She rolled her chair back and forth, barely even listening to the team captain’s lecture. She would’ve watched the ant on the wooden floor carry its single crumb all the way to the other side of the room if her phone hadn’t pulled her back with a ding. It was her dad. He wanted her to get peanut butter. She typed back, Sure. It wasn’t like her plans with Olivia were until thirty minutes later, anyway. So she didn’t mind. She felt like she couldn’t. Besides, this was a good excuse to leave the group. She stood up. 

“Guys, I’m sorry but I think I have to go and run some errands.” 

No one even looked up. Cassandra shrugged and pushed the glass doors open. 

She had never been here in the supermarket before. The place was huge and unusually empty for its size. She walked past at least ten aisles before she found the condiments section, or at least part of it. She decided to start from the left. 

Clonk. A plastic jar fell to the floor out of the corner of her eye. Not believing what just happened, she stood frozen to the ground, staring at the jar before she managed to move again. She slowly walked over and picked the jar up. It was Skippy. Her dad’s favorite brand of peanut butter. 

Her mind was completely blank. She clutched the jar tighter in her hand, then shook her head. She obviously missed someone standing next to her. They probably dropped the jar and didn’t put it back because they didn’t want to deal with it. It was the work of an irresponsible customer, not some Interstellar shit or whatever else came to her mind. If there was something that deserved her attention, it was not that peanut butter. She paid for it and hurriedly left the store before she let anything else happen to her. She walked faster than normal. And then she ran.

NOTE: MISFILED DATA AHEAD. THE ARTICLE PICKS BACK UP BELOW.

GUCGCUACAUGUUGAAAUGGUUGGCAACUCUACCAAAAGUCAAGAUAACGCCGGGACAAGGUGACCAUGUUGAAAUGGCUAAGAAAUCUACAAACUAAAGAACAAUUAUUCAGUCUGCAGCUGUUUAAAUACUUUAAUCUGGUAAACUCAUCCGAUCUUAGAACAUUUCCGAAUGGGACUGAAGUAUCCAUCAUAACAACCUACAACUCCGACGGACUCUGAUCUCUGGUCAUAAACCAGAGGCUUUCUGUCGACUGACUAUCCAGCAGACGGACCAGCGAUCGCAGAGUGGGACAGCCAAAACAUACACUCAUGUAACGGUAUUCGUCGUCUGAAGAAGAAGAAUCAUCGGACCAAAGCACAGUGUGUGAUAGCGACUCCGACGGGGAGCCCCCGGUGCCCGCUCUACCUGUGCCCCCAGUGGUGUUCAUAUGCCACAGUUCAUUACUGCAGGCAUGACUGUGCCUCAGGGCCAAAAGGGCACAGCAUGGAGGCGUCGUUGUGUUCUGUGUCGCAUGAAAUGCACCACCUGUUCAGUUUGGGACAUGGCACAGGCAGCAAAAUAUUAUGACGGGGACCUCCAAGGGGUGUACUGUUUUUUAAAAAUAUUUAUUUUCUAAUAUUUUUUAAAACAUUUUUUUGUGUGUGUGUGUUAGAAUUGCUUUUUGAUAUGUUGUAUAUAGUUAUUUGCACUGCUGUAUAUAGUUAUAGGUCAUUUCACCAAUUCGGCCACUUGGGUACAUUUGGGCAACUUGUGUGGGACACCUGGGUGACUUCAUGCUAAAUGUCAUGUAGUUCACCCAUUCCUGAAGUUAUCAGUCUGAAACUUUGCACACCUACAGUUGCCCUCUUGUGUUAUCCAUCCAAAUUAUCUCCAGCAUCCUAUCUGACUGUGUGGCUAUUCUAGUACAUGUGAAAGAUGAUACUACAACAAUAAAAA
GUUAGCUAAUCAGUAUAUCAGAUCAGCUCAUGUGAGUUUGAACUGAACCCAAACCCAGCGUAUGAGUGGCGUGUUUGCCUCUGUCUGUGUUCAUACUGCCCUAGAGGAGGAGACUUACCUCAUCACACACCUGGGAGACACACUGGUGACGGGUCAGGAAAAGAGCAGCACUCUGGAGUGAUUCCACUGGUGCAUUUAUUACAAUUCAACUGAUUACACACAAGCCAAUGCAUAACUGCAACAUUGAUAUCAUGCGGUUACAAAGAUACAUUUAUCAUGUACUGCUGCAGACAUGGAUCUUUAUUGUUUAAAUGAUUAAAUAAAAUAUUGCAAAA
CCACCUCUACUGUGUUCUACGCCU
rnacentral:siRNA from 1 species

Cassandra arrived at Burger King before five minutes even passed, too early to just sit and wait, especially considering how Olivia had a history of arriving late. She decided to get herself coke to pass time. The employee in red uniform came back in less than a minute to hand her the cup. With her purse, shopping bag and cup in both of her hands, she stared longingly at the straw dispenser to her right. 

“Can I help you with anything?”

“No, I—”

Her words were cut off when a single straw dropped down with a pop. 

“What the fuck?” she said out loud. The employee stared at her. 

“Sorry,” Cassandra muttered, barely grabbing the straw with two fingers. She returned to her seat, her eyes barely focused on the coke or anything else in particular. This was no coincidence. It just wasn’t. Someone was following her. Someone capable of tricking gravity. If a person told her yesterday that this was possible, she would have laughed in their face. But this was real. It was real, and it was happening to her. She frantically looked around her, looking for the safest possible space. The bathroom. Coke forgotten on the table, she headed towards the bathroom, trying her best to act casual, her hands in her pockets. 

When she opened the door and stepped inside, she knew she made a major mistake when a single sheet of tissue fell from its container, accompanied by a disturbing whir. She heard locks clicking. She had locked herself in. 

“Who the hell are you?” 

Silence. 

She turned to the stalls, one closed and the other open. Curiosity won over fear. She approached the left stall and yanked the door open. She screamed, hands over her mouth. Sitting on the toilet, legs apart, covered with streams of blood, eyes wide open, was the victim of a murder, stabbed multiple times in the chest.